The perils of speaking truth to power

(March 11, 2021)

When Dr. Anthony Fauci, director of the U.S. National Institute of Allergy and Infectious Diseases, received the US$1-million Dan David Prize last month, it was not only for his lifelong work in public health. He was also honoured for “speaking truth to power.”

Speaking truth to power is not only a thankless task; it is a dangerous one. Power rarely appreciates the conversation – something Fauci knows only too well.

It’s why 50 journalists worldwide were killed in 2020. And being an environmental defender is even more dangerous: in 2019, 212 were killed.

Thankfully, in Canada, the risks are not so high for either journalists or environmental defenders. But power — though constrained by the rule of law — still reshapes those laws to make it harder for truth to be spoken, and punishes people who speak it anyway.

Unfortunately, under Premier Brian Pallister, Manitoba has become a riskier place for environmentalists and journalists to advocate for a sustainable future. For some reason, it seems there is no more sensitive nerve for Pallister than the one connected to the environment and sustainable development. Even when he is given the opportunity to receive federal money, whether it is from a carbon tax or sustainable infrastructure funds for municipalities, or public transportation subsidies, he balks or refuses to co-operate.

Further, any criticism of Pallister’s government or its policies — however reasonable and well-deserved that criticism might be — is immediately considered to be both a personal affront and a politically motivated attack. I also suspect anything less than enthusiasm from his MLAs is viewed as disloyalty — perhaps even enough to get cabinet ministers sacked and their departments reconfigured.

As for environmental affairs, no other sector of the Progressive Conservative government has had its cabinet responsibilities rearranged (read: mangled) three times in five years, each time then given to a new, rookie minister. It appears that just when the green minister starts to get a handle on her hastily rearranged portfolio and makes progress in co-operating with local environmental non-governmental organizations (ENGOs), she is replaced.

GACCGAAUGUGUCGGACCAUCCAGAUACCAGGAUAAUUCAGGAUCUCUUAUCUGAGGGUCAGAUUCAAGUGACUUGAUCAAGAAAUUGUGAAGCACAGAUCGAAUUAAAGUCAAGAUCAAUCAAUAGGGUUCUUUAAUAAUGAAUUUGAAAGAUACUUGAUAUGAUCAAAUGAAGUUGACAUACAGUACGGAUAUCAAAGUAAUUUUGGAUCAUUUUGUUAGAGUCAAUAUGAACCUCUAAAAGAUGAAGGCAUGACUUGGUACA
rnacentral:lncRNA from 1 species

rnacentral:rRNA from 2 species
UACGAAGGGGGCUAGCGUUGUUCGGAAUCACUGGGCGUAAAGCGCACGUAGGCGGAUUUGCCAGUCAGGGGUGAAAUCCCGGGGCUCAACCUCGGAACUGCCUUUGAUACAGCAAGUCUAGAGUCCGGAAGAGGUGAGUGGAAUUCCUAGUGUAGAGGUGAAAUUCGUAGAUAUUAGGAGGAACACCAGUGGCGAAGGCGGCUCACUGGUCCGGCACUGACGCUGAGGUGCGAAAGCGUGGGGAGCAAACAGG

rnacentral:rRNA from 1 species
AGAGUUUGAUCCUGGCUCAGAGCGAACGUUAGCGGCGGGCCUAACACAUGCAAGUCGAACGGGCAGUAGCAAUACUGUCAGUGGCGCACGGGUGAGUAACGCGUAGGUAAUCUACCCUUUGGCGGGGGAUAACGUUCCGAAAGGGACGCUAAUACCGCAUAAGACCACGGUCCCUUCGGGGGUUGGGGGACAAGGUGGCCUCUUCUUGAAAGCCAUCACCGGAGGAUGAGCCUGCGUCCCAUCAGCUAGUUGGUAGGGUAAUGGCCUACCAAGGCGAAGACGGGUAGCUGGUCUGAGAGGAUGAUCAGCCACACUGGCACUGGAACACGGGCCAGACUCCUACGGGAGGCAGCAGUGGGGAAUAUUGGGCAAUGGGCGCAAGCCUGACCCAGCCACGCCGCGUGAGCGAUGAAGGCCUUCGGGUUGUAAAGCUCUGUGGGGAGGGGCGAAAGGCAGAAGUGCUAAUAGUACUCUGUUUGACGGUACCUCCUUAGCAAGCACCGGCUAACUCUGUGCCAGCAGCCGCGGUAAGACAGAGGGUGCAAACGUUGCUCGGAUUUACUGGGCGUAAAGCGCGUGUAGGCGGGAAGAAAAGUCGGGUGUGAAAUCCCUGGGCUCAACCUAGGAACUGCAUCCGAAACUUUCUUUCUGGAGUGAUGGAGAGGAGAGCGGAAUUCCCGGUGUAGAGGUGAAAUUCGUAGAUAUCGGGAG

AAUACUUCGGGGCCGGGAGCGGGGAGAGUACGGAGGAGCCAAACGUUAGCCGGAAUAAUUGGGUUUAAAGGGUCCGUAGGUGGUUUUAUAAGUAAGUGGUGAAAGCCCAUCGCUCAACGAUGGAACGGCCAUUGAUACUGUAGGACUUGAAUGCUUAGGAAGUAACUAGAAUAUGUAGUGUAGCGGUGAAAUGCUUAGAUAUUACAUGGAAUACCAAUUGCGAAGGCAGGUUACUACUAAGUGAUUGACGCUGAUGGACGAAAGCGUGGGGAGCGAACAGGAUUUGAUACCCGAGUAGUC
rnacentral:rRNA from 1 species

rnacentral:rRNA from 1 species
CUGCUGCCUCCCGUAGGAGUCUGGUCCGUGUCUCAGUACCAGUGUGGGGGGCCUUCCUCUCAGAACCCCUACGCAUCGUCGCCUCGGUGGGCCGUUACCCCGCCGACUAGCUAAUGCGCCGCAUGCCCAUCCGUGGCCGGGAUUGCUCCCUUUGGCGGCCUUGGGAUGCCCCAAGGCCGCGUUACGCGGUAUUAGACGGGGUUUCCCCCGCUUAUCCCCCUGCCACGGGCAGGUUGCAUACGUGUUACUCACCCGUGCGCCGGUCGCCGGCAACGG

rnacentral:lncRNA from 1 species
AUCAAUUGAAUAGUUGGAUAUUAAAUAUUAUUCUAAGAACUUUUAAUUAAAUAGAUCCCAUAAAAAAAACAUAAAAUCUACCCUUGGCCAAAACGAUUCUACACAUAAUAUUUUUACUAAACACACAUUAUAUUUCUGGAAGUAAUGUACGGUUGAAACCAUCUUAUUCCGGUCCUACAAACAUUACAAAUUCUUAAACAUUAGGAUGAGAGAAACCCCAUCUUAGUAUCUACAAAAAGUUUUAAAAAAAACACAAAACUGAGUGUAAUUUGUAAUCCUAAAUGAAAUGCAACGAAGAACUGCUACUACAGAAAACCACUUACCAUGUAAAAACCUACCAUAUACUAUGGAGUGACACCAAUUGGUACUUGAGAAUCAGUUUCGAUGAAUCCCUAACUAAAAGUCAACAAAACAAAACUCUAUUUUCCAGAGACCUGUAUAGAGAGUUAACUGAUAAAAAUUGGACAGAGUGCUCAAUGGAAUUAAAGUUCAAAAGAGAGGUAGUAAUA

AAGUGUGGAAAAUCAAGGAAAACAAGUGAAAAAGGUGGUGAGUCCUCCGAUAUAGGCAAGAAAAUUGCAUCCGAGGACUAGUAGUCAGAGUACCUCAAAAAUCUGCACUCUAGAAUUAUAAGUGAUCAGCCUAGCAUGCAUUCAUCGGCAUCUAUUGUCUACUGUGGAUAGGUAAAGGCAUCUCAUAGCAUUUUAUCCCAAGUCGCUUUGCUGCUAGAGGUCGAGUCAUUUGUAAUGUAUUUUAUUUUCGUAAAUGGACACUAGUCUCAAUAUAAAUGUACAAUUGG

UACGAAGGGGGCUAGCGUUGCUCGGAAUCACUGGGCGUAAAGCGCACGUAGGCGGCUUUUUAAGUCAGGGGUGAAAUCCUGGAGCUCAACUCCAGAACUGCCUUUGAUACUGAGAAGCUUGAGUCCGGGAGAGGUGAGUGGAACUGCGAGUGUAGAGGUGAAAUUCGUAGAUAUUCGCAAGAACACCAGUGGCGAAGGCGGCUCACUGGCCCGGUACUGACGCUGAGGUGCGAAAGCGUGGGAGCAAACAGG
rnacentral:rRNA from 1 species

Even when Pallister’s heart is in the right place, his head is somewhere else. For example, after months of consultations, hype and dramatic build-up, the 2017 release of the Climate and Green Plan, in all its many-pillared splendour, left ENGOs and everyone else bewildered by what Pallister thought was the way to make Manitoba into Canada’s greenest province.

Pallister was clearly hurt by this general lack of applause. So, after eliminating Green Manitoba and removing energy conservation (PowerSmart) from Manitoba Hydro, Pallister’s government (supposedly as a cost-saving measure) then decided to defund the main ENGOs in Manitoba.

These actions were clearly driven by ideology more than frugality — the amount of money saved by defunding the ENGOs, for example, is laughably small in comparison to other spending decisions that the Pallister government routinely makes on a whim (new vaccine, anyone?).

Our provincial ENGOs are not on the side of any government; nor should they be. They are on the side of Manitobans, present and future. Increasingly grim climate numbers demonstrate that no government, anywhere, is doing enough, quickly enough, to make the kind of difference a sustainable future requires. So giving Pallister’s environmental paralysis a thumbs-down doesn’t automatically mean giving a thumbs-up to the NDP, the Liberals or even the Green Party.

But despite the (literal) price Manitoban ENGOs have paid for criticizing the Pallister government’s decisions — where criticism seems to mean anything less than rapturous applause — they continue to do what they can, for all of us.